The Bartlett


Lending power

Homebuyers could borrow more if they could accurately forecast their energy bills.

View from rooftop terrace across cityscape

A report published in July 2017 has found that, if mortgage lenders used Energy Performance Certificates (EPCs) to assess home energy bills, maximum mortgage lending could vary by up to £11,500 between the most energy-efficient properties and those that consume the most energy. 

Part-funded by Innovate UK and involving a consortium of industry experts, including UCL Energy Institute researchers Ian Hamilton, Peter Mallaburn and Gesche Huebner, the LENDERS project successfully modelled the link between energy efficiency and household fuel bills. By creating a new consumer calculator they were able to demonstrate to would-be buyers the cost benefits of fuel efficiency: it could improve their mortgage affordability assessment, potentially enabling them to access a larger loan.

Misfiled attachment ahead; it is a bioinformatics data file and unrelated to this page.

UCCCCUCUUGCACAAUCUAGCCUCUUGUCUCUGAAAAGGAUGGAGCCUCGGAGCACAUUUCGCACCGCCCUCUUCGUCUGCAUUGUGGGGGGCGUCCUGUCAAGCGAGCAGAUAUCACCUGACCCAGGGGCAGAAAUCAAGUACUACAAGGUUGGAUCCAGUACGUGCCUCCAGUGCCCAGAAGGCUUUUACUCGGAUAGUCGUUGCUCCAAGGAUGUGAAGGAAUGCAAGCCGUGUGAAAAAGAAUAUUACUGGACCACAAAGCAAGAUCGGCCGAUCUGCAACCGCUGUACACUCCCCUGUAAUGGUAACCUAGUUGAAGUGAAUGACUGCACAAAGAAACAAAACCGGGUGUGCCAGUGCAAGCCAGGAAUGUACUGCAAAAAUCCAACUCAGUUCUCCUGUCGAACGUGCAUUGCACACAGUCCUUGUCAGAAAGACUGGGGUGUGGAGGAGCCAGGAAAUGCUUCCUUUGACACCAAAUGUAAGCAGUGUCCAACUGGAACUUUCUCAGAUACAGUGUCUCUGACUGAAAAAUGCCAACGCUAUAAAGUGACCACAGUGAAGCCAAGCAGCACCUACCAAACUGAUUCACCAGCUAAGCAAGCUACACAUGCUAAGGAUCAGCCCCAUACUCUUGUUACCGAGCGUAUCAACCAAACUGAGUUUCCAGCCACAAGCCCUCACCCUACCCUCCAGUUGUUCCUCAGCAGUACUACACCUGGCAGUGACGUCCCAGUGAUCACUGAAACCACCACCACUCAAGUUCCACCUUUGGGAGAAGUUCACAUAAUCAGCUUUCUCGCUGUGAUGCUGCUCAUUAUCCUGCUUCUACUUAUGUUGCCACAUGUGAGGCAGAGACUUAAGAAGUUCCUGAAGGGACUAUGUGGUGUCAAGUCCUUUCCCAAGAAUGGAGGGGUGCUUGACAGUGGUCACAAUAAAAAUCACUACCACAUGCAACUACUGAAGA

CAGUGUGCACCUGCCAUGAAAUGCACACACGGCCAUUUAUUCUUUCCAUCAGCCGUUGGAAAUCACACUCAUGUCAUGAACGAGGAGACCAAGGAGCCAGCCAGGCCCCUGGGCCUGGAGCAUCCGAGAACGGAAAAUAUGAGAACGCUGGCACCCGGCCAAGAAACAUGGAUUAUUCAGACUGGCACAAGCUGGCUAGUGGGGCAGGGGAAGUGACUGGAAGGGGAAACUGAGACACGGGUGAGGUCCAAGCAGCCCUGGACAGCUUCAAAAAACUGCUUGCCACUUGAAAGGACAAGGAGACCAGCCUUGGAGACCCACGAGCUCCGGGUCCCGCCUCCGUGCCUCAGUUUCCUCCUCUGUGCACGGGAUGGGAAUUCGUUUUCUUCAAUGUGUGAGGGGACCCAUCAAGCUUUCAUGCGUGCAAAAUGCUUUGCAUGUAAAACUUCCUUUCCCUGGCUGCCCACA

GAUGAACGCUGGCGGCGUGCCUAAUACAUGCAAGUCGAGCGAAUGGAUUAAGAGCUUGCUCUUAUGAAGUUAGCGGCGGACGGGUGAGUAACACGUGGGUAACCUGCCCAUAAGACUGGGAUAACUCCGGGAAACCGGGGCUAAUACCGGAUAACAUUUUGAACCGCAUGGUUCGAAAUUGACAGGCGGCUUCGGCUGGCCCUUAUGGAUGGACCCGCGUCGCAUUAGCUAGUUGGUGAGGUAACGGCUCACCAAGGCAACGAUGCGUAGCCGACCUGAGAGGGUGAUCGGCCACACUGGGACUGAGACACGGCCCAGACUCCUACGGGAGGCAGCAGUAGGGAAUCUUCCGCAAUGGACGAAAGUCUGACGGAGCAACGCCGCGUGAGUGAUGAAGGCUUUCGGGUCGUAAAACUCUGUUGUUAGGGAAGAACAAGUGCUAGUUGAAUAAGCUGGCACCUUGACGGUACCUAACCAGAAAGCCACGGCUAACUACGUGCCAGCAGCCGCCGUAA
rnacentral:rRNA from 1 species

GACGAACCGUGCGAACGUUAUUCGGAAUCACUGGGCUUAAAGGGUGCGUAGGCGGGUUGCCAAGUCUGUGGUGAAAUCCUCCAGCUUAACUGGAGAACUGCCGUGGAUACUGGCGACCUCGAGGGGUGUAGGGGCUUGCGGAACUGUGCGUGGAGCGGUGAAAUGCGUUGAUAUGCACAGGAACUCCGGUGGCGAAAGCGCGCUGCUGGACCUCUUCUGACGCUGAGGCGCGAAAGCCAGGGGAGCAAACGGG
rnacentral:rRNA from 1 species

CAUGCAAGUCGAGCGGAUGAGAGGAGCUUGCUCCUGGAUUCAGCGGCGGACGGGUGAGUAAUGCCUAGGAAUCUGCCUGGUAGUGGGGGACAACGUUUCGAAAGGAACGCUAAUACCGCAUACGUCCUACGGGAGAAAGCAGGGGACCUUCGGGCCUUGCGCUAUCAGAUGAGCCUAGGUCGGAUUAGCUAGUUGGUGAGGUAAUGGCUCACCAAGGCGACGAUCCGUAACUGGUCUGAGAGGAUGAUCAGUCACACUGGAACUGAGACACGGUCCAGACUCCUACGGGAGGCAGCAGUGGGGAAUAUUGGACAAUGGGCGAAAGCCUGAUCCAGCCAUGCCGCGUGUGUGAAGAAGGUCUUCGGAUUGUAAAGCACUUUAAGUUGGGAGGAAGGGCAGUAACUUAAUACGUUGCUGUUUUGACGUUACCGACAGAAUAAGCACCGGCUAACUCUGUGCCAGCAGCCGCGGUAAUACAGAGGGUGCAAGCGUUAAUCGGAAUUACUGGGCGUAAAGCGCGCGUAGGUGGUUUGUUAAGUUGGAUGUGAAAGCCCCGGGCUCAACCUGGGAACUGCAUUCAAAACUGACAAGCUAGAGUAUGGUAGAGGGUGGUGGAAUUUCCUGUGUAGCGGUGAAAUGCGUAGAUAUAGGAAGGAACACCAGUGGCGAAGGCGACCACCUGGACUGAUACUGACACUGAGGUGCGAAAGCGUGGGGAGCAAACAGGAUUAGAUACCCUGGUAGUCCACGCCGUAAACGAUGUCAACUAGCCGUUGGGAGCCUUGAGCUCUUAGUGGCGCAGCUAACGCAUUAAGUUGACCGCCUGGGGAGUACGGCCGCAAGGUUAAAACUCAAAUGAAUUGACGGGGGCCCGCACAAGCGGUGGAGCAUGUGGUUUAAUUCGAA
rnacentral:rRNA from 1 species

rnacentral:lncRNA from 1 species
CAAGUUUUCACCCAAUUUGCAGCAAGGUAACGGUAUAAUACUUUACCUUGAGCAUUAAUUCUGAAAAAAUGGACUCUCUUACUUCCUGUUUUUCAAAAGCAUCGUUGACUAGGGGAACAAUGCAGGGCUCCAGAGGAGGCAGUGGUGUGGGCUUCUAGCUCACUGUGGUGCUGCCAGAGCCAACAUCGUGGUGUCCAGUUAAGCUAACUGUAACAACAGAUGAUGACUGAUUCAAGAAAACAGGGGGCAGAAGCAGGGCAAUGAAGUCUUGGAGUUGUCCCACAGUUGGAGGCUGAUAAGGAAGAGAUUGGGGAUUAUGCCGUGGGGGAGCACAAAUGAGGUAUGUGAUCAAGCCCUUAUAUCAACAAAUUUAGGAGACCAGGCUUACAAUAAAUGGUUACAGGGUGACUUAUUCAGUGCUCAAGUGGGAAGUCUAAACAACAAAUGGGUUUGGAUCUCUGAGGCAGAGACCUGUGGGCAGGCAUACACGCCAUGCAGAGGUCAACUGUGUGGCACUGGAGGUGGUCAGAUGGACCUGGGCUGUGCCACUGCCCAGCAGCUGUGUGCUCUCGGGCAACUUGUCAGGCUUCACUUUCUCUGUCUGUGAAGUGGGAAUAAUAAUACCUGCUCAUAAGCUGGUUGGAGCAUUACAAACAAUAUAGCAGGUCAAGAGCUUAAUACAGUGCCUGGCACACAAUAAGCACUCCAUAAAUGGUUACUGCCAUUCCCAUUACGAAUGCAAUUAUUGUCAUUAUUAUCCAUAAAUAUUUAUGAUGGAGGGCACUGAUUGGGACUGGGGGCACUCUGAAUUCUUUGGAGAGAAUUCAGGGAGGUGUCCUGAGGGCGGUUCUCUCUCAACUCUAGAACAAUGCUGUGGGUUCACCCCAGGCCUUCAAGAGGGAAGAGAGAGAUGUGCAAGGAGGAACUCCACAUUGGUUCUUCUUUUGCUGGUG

The LENDERS project, which included the analysis of 40,000 sets of property data, also suggests that the same change in forecasting could release thousands of pounds for those undertaking energy refurbishments.  

“Mortgage lenders can play an important role in increasing the value of energy performance and improving the quality of EPC data to help drive increased investment in energy efficiency in UK housing,” says Ian Hamilton, Reader at the UCL Energy Institute. “I can envision a time when lenders will offer mortgages with an additional amount to invest in increasing the home energy efficiency because that will reduce energy bills, freeing more funds to pay back the loan.”